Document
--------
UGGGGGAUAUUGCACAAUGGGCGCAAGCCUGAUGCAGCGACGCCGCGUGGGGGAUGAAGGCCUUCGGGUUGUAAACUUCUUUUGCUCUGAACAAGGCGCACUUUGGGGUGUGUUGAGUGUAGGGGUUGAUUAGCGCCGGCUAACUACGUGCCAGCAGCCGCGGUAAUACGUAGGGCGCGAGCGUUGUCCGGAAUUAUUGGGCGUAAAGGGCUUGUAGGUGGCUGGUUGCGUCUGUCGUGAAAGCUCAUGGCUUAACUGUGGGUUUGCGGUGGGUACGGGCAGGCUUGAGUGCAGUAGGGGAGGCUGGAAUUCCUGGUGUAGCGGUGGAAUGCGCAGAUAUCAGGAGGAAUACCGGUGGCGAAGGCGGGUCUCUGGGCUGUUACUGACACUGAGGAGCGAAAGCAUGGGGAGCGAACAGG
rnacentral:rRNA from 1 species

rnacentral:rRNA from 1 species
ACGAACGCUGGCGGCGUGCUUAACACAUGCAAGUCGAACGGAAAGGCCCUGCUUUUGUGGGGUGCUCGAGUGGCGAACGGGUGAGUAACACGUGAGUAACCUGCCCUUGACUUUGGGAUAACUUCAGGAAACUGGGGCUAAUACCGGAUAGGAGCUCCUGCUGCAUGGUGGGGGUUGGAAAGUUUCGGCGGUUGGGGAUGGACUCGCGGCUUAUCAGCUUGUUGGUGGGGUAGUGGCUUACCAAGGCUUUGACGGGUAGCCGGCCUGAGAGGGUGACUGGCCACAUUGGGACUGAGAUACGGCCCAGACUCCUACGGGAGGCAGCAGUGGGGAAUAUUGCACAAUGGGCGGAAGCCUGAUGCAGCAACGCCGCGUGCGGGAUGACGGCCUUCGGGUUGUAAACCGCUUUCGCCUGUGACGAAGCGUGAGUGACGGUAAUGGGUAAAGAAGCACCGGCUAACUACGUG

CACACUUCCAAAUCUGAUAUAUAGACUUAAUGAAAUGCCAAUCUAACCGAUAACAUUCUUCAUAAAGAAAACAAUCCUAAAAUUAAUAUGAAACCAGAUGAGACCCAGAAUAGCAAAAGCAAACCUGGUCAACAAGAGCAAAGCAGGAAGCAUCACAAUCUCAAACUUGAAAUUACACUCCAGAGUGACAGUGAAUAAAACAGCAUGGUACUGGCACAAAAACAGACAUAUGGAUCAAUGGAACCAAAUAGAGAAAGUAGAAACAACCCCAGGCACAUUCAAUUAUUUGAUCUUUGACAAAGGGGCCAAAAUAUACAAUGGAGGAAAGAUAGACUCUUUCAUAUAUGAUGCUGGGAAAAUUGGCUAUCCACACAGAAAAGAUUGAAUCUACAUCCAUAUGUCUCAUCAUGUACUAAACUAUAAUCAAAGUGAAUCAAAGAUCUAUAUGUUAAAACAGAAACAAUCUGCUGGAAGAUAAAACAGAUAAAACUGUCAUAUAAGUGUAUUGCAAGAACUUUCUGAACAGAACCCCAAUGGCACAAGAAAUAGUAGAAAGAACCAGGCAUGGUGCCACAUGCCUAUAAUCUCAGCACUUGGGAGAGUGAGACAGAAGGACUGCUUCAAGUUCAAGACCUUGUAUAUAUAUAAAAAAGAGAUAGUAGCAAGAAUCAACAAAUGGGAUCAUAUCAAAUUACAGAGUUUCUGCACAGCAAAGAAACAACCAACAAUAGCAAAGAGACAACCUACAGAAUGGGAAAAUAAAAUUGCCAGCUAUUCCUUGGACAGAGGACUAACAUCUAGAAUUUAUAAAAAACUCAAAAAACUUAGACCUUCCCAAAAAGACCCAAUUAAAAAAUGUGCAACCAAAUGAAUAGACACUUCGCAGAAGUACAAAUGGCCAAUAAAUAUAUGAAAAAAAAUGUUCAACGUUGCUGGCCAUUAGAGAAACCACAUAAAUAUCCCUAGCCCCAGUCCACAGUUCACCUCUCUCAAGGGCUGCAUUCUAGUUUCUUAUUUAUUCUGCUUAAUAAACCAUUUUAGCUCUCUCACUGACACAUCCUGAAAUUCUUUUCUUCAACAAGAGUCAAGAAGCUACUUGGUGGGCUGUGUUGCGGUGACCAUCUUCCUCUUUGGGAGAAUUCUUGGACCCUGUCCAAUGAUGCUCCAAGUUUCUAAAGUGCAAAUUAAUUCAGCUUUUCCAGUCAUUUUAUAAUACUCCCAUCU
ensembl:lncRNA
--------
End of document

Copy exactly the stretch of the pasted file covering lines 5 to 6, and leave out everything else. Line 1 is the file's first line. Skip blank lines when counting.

CACACUUCCAAAUCUGAUAUAUAGACUUAAUGAAAUGCCAAUCUAACCGAUAACAUUCUUCAUAAAGAAAACAAUCCUAAAAUUAAUAUGAAACCAGAUGAGACCCAGAAUAGCAAAAGCAAACCUGGUCAACAAGAGCAAAGCAGGAAGCAUCACAAUCUCAAACUUGAAAUUACACUCCAGAGUGACAGUGAAUAAAACAGCAUGGUACUGGCACAAAAACAGACAUAUGGAUCAAUGGAACCAAAUAGAGAAAGUAGAAACAACCCCAGGCACAUUCAAUUAUUUGAUCUUUGACAAAGGGGCCAAAAUAUACAAUGGAGGAAAGAUAGACUCUUUCAUAUAUGAUGCUGGGAAAAUUGGCUAUCCACACAGAAAAGAUUGAAUCUACAUCCAUAUGUCUCAUCAUGUACUAAACUAUAAUCAAAGUGAAUCAAAGAUCUAUAUGUUAAAACAGAAACAAUCUGCUGGAAGAUAAAACAGAUAAAACUGUCAUAUAAGUGUAUUGCAAGAACUUUCUGAACAGAACCCCAAUGGCACAAGAAAUAGUAGAAAGAACCAGGCAUGGUGCCACAUGCCUAUAAUCUCAGCACUUGGGAGAGUGAGACAGAAGGACUGCUUCAAGUUCAAGACCUUGUAUAUAUAUAAAAAAGAGAUAGUAGCAAGAAUCAACAAAUGGGAUCAUAUCAAAUUACAGAGUUUCUGCACAGCAAAGAAACAACCAACAAUAGCAAAGAGACAACCUACAGAAUGGGAAAAUAAAAUUGCCAGCUAUUCCUUGGACAGAGGACUAACAUCUAGAAUUUAUAAAAAACUCAAAAAACUUAGACCUUCCCAAAAAGACCCAAUUAAAAAAUGUGCAACCAAAUGAAUAGACACUUCGCAGAAGUACAAAUGGCCAAUAAAUAUAUGAAAAAAAAUGUUCAACGUUGCUGGCCAUUAGAGAAACCACAUAAAUAUCCCUAGCCCCAGUCCACAGUUCACCUCUCUCAAGGGCUGCAUUCUAGUUUCUUAUUUAUUCUGCUUAAUAAACCAUUUUAGCUCUCUCACUGACACAUCCUGAAAUUCUUUUCUUCAACAAGAGUCAAGAAGCUACUUGGUGGGCUGUGUUGCGGUGACCAUCUUCCUCUUUGGGAGAAUUCUUGGACCCUGUCCAAUGAUGCUCCAAGUUUCUAAAGUGCAAAUUAAUUCAGCUUUUCCAGUCAUUUUAUAAUACUCCCAUCU
ensembl:lncRNA